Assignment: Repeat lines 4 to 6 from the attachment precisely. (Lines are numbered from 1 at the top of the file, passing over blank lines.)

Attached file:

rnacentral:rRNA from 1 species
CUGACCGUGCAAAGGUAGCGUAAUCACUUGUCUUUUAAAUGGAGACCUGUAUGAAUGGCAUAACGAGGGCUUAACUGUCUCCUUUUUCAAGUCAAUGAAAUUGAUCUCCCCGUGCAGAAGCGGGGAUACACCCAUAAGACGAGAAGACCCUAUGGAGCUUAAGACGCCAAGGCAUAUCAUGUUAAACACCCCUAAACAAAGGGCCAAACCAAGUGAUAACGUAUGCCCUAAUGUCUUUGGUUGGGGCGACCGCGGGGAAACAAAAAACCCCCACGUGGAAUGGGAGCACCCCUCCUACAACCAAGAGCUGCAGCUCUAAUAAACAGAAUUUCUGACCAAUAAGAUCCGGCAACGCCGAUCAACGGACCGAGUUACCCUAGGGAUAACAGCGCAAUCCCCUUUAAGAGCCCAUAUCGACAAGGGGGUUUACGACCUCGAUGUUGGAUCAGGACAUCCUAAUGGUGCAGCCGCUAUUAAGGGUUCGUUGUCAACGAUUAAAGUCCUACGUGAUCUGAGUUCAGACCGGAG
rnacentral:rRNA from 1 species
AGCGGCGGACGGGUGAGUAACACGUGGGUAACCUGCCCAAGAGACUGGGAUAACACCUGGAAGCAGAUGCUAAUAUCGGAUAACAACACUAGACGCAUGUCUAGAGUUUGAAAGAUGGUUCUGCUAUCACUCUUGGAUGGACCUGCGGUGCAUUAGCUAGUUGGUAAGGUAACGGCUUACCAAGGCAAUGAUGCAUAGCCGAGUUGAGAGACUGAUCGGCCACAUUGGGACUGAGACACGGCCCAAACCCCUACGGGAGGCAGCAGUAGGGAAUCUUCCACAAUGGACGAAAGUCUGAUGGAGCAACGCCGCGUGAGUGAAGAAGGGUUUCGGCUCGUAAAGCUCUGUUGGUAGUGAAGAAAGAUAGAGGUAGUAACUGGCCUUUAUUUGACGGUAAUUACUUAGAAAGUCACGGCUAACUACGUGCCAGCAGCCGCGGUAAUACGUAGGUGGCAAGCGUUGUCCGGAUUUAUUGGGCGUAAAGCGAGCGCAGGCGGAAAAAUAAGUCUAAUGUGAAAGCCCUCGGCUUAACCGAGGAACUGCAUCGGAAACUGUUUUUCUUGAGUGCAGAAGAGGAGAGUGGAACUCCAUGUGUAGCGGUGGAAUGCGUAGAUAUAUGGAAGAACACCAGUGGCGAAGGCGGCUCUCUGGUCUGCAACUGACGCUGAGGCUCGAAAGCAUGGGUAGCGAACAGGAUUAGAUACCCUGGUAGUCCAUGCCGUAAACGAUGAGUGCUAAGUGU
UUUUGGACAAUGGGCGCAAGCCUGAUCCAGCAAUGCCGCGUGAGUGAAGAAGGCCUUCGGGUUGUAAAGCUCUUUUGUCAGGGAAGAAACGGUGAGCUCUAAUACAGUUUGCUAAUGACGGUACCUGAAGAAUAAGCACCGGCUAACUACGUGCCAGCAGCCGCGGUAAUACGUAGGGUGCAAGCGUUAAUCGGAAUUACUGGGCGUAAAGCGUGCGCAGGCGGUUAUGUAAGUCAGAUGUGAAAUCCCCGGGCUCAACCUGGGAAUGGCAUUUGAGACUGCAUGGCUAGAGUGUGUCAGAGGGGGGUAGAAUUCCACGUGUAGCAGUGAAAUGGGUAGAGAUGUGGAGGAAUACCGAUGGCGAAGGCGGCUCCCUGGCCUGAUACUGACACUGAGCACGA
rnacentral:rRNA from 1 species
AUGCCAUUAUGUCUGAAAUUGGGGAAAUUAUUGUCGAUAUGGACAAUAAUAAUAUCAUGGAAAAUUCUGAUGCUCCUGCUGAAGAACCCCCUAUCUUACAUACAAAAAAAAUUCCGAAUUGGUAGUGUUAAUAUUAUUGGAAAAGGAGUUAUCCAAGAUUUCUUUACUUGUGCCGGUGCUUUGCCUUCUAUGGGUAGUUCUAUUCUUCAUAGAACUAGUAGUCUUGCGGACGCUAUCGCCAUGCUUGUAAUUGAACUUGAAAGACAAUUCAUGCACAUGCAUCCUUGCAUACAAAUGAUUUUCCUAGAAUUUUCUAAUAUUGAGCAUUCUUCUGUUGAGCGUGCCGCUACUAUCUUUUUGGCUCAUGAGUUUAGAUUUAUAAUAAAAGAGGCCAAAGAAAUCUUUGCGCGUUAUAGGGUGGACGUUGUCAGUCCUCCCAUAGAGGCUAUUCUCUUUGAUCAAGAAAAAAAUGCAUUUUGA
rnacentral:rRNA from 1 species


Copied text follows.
AGCGGCGGACGGGUGAGUAACACGUGGGUAACCUGCCCAAGAGACUGGGAUAACACCUGGAAGCAGAUGCUAAUAUCGGAUAACAACACUAGACGCAUGUCUAGAGUUUGAAAGAUGGUUCUGCUAUCACUCUUGGAUGGACCUGCGGUGCAUUAGCUAGUUGGUAAGGUAACGGCUUACCAAGGCAAUGAUGCAUAGCCGAGUUGAGAGACUGAUCGGCCACAUUGGGACUGAGACACGGCCCAAACCCCUACGGGAGGCAGCAGUAGGGAAUCUUCCACAAUGGACGAAAGUCUGAUGGAGCAACGCCGCGUGAGUGAAGAAGGGUUUCGGCUCGUAAAGCUCUGUUGGUAGUGAAGAAAGAUAGAGGUAGUAACUGGCCUUUAUUUGACGGUAAUUACUUAGAAAGUCACGGCUAACUACGUGCCAGCAGCCGCGGUAAUACGUAGGUGGCAAGCGUUGUCCGGAUUUAUUGGGCGUAAAGCGAGCGCAGGCGGAAAAAUAAGUCUAAUGUGAAAGCCCUCGGCUUAACCGAGGAACUGCAUCGGAAACUGUUUUUCUUGAGUGCAGAAGAGGAGAGUGGAACUCCAUGUGUAGCGGUGGAAUGCGUAGAUAUAUGGAAGAACACCAGUGGCGAAGGCGGCUCUCUGGUCUGCAACUGACGCUGAGGCUCGAAAGCAUGGGUAGCGAACAGGAUUAGAUACCCUGGUAGUCCAUGCCGUAAACGAUGAGUGCUAAGUGU
UUUUGGACAAUGGGCGCAAGCCUGAUCCAGCAAUGCCGCGUGAGUGAAGAAGGCCUUCGGGUUGUAAAGCUCUUUUGUCAGGGAAGAAACGGUGAGCUCUAAUACAGUUUGCUAAUGACGGUACCUGAAGAAUAAGCACCGGCUAACUACGUGCCAGCAGCCGCGGUAAUACGUAGGGUGCAAGCGUUAAUCGGAAUUACUGGGCGUAAAGCGUGCGCAGGCGGUUAUGUAAGUCAGAUGUGAAAUCCCCGGGCUCAACCUGGGAAUGGCAUUUGAGACUGCAUGGCUAGAGUGUGUCAGAGGGGGGUAGAAUUCCACGUGUAGCAGUGAAAUGGGUAGAGAUGUGGAGGAAUACCGAUGGCGAAGGCGGCUCCCUGGCCUGAUACUGACACUGAGCACGA
rnacentral:rRNA from 1 species